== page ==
9. Many thanks to an anonymous reviewer for raising this important point.

  10. https://www.npr.org/2017/08/20/544861933/how-one-man-convinced-200-ku-klux-klan-members-to-give-up-their-robes

  11. See, for instance, Black Lives Matter activists Kwame Rose and Tariq Touré's disapproval of Davis’ choice to engage so closely with White supremacists as opposed to more directly supporting the Black community of which he himself is a member (Ornstein, 2016).

  12. See also Bailey (2021) for a helpful discussion of some additional tensions that arise in cases of empathy for "vicious outlooks" along with the benefits of empathy with such outlooks even on the part of virtuous persons given its role in ministering to a basic and important human need to be "humanely understood" (18).

  13. There is already valuable work in the cognitive and social sciences addressing this important question. For more on evidence-based strategies for training and developing empathy for those outside our group, see Weisz and colleagues' (2020) discussion of successful empathy-motivating strategies, including mindset interventions which involve changing individuals' beliefs about the nature of empathy (i.e., the extent to which it can be extended even in cases where one is not immediately inclined to empathize), and norm-based interventions that involve conveying information about the expected accepted behaviors of members of one's group. See also Weisz and Zaki's (2017) comprehensive review of evidence-based strategies for motivating and developing empathy. See Morrell (2007) for helpful discussion of the value of empathy education in a democracy, as well as Greenberg and colleagues (2017) for discussion of evidence-based empathy training strategies in schools and their relation to social competence and public health.

  14. It is important to note, however, that the demands of any moral principle of accommodation apply only to cases of reasonable disagreement, so acting in accordance with such principles need not require these efforts to constructively engage and empathically find common ground with those who hold unreasonable views or participate in immoral practices.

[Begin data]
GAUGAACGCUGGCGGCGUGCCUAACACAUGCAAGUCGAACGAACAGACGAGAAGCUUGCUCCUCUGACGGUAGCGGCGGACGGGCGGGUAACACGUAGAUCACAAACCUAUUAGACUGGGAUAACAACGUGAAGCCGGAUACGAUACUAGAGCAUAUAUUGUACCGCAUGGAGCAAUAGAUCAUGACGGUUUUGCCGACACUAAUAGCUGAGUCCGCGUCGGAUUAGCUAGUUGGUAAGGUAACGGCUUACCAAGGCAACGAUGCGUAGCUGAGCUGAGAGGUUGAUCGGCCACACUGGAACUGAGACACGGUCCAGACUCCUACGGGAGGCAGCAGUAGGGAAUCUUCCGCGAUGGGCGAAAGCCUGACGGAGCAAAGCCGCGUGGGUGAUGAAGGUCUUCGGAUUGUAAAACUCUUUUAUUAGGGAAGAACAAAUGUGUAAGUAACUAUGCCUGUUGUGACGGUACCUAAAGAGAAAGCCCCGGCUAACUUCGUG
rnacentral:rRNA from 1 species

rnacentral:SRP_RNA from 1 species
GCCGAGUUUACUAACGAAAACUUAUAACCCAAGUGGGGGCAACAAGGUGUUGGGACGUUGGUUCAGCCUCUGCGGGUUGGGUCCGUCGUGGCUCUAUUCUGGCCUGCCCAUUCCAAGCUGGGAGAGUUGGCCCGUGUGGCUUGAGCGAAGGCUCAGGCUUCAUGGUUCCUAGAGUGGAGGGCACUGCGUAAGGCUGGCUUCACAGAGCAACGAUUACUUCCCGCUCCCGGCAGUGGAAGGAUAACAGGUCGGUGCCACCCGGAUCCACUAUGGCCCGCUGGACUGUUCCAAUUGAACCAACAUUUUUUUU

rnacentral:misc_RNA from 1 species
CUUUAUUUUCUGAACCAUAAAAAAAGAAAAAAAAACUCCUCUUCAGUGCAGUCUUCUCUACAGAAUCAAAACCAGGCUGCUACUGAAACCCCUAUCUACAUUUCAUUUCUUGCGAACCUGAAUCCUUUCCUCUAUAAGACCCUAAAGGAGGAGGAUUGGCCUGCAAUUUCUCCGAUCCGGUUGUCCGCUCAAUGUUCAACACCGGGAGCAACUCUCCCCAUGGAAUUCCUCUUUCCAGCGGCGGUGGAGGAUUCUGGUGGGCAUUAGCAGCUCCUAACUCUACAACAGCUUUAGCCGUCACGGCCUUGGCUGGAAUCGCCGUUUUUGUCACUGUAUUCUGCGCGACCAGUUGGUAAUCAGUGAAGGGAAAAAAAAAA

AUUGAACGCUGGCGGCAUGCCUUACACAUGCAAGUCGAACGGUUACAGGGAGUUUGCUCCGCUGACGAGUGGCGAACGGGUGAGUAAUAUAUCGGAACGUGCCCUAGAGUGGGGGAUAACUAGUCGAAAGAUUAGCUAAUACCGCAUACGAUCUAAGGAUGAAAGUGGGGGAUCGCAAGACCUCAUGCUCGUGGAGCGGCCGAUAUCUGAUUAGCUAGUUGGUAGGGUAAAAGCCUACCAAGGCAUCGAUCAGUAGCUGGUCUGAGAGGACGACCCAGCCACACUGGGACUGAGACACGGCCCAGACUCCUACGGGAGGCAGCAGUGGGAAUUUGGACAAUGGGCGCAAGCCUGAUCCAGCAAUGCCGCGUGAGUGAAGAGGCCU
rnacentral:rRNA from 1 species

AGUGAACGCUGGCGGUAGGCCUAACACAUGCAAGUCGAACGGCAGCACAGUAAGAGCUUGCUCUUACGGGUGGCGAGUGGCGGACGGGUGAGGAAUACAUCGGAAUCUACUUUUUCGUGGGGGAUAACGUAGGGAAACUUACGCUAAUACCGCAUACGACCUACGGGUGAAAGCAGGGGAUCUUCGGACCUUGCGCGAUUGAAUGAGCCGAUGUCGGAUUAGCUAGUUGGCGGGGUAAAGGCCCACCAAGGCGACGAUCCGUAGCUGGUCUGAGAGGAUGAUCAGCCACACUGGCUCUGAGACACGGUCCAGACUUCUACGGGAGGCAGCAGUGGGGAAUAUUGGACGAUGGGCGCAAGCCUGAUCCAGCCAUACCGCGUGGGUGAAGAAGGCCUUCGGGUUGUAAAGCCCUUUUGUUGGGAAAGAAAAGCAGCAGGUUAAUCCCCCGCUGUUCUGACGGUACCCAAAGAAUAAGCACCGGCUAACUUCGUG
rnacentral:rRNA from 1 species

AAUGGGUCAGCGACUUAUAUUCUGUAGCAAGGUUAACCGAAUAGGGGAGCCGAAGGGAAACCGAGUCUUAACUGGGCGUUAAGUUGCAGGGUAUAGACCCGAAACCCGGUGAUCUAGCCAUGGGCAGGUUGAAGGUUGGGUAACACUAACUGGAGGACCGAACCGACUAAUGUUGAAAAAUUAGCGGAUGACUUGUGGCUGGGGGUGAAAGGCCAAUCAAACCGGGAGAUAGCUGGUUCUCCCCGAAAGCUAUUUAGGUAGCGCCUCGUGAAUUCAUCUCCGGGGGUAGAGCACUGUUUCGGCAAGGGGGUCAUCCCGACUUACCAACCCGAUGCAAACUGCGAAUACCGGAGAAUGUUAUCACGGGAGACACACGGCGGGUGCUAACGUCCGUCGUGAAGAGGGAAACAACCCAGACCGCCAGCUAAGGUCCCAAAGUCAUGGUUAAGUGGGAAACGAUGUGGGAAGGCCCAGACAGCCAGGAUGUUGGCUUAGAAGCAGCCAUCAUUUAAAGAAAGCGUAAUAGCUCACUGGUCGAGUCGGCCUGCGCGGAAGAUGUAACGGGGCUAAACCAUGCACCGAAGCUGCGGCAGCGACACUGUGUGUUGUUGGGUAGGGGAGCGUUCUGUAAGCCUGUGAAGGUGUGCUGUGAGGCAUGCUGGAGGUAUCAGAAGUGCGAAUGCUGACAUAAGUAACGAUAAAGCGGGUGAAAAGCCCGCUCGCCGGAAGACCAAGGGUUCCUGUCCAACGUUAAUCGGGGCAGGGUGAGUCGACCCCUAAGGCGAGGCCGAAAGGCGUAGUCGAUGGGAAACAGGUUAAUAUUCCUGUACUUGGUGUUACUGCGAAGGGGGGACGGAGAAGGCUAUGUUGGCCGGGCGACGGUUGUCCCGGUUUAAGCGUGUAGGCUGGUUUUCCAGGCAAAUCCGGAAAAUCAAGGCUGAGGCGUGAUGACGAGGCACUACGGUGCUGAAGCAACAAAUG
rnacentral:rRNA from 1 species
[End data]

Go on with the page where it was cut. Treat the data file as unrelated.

15. For a more recent discussion of the importance of exposure to novel and opposing viewpoints, see Kwong (2016) on the possibility of open mindedness as an openness to engage with and take seriously novel ideas.

  16. See Terkel's (1980) interview with Ellis for a more detailed description of this encounter.

  17. I am indebted to Max Kramer, Lisa Miracchi, Jana Schaich-Borg, Walter Sinnott-Armstrong, Gopal Sreenivasan, Matt Stichter, Rafael Ventura, and David Wong for their generous feedback and support. The paper was also significantly improved by comments from members of the MIRA Lab at the University of Pennsylvania, the MAD Lab at Duke University, Monika Betzler's Empathy Research Focus Group at the Center for Advanced Studies at Ludwig-Maximilians-Universität München, audiences at the APA Pacific Division meeting (2021), and two anonymous reviewers.

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Read, H. When and why to empathize with political opponents. Philos Stud (2022). https://doi.org/10.1007/s11098-022-01837-y

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Keywords

  • Empathy
  • Common ground
  • Affective polarization
  • Political opponents